Once again, screen size and viewing distance are relevant factors. Let's replay the demo we just discussed. At a distance of 10 feet, you won't see any pixel structure on either the LP340 or the LP350 when they are displayed side by side with 4-foot wide images. On both the pixel structure is too small for your eye to resolve. But when each projector is blown up to the full 8-foot width of the screen, you will find that the SVGA unit has much more visible pixelation than does the XGA.

Another note of caution—don't mix technologies when doing a comparative test like this. DLP at any resolution has less pixelation than its LCD counterpart at the same resolution.

Issue #4: Color definition

For any given image size XGA machines give you 64% more pixels. That means there is more capability to define shadings and nuances of color. For any given image size if you focus on color quality alone in a side by side demo, you will see color tends to look a bit more refined or elegant on an XGA unit than it does on SVGA.

Don't mix technologies for this comparison either. You can see this difference in DLP if you compare something like the LP340 with the LP350. You can see the same effect when comparing the NEC VT440 (SVGA LCD) vs. its XGA counterpart, the NEC VT540.


XGA resolution projectors are usually capable of delivering sharper images with less pixelation and better color for any given screen size than their SVGA counterparts. The notion that since video has only 480 lines, you only need SVGA to display everything in the signal is a simplistic and erroneous way of thinking about the issue.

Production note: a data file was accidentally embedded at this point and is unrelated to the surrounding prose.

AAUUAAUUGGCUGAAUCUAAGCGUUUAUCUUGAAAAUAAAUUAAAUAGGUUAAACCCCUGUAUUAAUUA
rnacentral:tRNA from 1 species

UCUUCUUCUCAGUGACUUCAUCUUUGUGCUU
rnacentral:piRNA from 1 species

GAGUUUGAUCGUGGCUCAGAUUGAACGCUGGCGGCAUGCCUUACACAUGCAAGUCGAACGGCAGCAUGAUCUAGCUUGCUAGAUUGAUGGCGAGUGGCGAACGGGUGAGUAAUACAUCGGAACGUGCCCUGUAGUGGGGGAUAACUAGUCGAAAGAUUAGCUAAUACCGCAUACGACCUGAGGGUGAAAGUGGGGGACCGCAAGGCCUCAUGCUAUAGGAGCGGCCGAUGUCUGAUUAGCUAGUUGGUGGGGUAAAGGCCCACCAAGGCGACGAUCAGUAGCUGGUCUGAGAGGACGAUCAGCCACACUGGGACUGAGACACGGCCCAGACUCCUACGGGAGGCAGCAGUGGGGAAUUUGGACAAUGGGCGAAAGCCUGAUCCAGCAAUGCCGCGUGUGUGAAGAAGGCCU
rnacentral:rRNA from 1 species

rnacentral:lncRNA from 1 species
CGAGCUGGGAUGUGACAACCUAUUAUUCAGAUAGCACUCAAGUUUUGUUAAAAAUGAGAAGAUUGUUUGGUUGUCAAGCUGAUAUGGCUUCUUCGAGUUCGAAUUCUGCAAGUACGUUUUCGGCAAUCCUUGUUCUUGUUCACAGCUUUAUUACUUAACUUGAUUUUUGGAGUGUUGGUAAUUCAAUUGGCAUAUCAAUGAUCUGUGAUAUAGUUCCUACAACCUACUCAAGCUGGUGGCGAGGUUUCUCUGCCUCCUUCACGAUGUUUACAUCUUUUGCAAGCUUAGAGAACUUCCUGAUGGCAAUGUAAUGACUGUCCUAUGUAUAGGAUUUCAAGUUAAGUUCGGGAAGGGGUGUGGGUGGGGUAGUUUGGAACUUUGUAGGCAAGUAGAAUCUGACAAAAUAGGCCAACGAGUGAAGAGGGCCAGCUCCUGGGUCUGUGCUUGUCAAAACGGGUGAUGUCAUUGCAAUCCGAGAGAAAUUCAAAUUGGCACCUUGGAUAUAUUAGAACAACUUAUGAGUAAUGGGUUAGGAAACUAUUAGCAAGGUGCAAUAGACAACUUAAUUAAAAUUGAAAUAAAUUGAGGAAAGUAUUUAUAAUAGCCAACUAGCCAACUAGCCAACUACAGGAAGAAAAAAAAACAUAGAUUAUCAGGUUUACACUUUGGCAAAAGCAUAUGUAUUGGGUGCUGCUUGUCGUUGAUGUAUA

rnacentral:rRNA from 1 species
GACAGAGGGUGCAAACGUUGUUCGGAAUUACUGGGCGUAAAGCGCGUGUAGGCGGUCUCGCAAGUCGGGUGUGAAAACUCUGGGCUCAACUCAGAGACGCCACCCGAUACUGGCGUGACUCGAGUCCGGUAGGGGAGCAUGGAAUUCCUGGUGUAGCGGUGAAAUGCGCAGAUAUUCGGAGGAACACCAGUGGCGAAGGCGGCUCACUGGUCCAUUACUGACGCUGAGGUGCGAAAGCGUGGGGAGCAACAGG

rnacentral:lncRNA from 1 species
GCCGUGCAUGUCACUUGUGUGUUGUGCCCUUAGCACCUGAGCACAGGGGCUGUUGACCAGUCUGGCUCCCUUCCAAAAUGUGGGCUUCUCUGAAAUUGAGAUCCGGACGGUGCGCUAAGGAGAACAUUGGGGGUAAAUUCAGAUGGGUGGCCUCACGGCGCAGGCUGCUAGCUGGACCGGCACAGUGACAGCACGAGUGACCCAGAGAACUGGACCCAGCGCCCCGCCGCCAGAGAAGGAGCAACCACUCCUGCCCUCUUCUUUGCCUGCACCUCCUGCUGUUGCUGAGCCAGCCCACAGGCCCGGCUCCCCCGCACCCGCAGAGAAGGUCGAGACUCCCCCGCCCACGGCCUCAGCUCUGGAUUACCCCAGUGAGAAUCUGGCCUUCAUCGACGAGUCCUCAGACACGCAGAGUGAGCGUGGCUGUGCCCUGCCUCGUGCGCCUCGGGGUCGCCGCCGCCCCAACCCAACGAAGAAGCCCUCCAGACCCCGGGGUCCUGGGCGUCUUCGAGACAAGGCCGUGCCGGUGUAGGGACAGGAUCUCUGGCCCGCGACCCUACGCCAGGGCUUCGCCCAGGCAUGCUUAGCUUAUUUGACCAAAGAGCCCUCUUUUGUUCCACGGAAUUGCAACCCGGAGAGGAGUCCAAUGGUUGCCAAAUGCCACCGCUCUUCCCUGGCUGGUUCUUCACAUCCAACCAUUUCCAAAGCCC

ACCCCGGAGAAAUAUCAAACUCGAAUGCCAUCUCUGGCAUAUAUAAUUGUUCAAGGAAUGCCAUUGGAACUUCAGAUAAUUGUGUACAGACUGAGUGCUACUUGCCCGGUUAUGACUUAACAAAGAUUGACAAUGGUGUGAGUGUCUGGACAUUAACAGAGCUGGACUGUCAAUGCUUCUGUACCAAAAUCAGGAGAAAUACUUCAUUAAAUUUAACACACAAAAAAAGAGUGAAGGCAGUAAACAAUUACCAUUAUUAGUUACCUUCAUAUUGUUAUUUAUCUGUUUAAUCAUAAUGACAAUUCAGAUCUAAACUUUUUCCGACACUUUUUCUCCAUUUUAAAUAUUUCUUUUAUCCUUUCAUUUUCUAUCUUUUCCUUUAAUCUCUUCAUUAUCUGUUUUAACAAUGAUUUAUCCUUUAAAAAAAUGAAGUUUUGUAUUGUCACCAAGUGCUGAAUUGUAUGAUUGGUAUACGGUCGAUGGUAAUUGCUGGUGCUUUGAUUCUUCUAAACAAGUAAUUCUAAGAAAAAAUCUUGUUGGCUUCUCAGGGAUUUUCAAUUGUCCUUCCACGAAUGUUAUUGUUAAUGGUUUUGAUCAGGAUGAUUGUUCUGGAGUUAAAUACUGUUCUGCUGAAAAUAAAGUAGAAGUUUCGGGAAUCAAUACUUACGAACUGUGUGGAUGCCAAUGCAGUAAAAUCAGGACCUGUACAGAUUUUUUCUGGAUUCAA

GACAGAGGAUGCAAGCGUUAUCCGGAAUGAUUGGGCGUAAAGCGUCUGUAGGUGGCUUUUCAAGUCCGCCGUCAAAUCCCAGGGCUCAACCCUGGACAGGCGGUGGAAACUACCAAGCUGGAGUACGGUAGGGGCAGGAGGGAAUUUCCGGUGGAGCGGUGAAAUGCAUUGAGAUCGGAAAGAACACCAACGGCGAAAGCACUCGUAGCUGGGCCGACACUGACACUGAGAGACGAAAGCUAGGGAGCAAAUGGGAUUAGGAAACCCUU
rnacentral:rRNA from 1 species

The vital issue is screen size relative to viewing distance. If you have a relatively small screen and you are viewing it from a distance of much over twice its width, there is not much reason to go for the XGA. But if you view from a distance of twice the screen width or less, your incremental investment in an XGA machine will show up visibly on the screen.

Having said all of this, keep in mind that SVGA machines are much less expensive than XGAs. For those on a budget, video quality even in SVGA resolution has advanced to the point where some projectors can produce very exciting images for the money. In particular if you want to spend well under $3,000, the InFocus LP340, also being sold as the Boxlight CD-455m, is an outstanding performer for the investment.